Guitarist Tony Rice Useless on the age of 69

Bluegrass guitarist Tony Rice, recognized as one of the greats of the genre, has died. He was 69 and passed away suddenly on December 25th, as his former label Rounder Records discovered.

As a soloist, contributor and head of the Tony Rice Unit, Rice was known for his inimitable flatpicker skills, a complicated, fast-paced, melodic way of playing the guitar. Rice’s distinctive style, heavily influenced by jazz, influenced numerous artists in the bluegrass world and beyond, including Jason Isbell and Steve Martin. His signature guitar, a Martin D-28, belonged to the Clarence White of the Byrds.

After growing up in California with a father who played guitar, Rice moved as an adult to Kentucky, where he played five nights a week with JD Crowe and the New South. Rice released his first album under his own name Guitar in 1973 and later released albums such as 1978’s Acoustics and 1980’s Mar West with the Tony Rice Unit. Rice co-founded and released several records with the Bluegrass Album Band. He also performed regularly with guitarist Norman Blake and mandolin player David Grisman. In 1993 he worked with Grisman and Jerry Garcia on The Pizza Tapes, a loose collection of folk songs that was released in 2000.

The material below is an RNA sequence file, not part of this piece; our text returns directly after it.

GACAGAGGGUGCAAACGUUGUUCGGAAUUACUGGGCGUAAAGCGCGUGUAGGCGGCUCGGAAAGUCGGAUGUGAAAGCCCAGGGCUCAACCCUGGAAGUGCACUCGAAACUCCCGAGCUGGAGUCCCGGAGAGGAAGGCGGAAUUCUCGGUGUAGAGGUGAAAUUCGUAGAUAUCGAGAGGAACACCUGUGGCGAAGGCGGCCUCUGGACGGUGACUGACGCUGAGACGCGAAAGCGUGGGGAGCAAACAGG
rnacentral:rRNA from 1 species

Rice had a flourishing career through the 1970s and 1980s, with albums such as the 1979 Manzanita and 1983 Church Street Blues lasting as landmark works in bluegrass. In 1994, Rice began to suffer from dysphonia, which prevented him from singing for the rest of his life. In 2013, Rice was inducted into the International Bluegrass Music Association’s Hall of Fame, which included his last public guitar performance. His last album was Hartford Rice and Clements in 2011 with banjo player John Hartford and violinist Vassar Clements, a project that was recorded in 1988.

Comments are closed.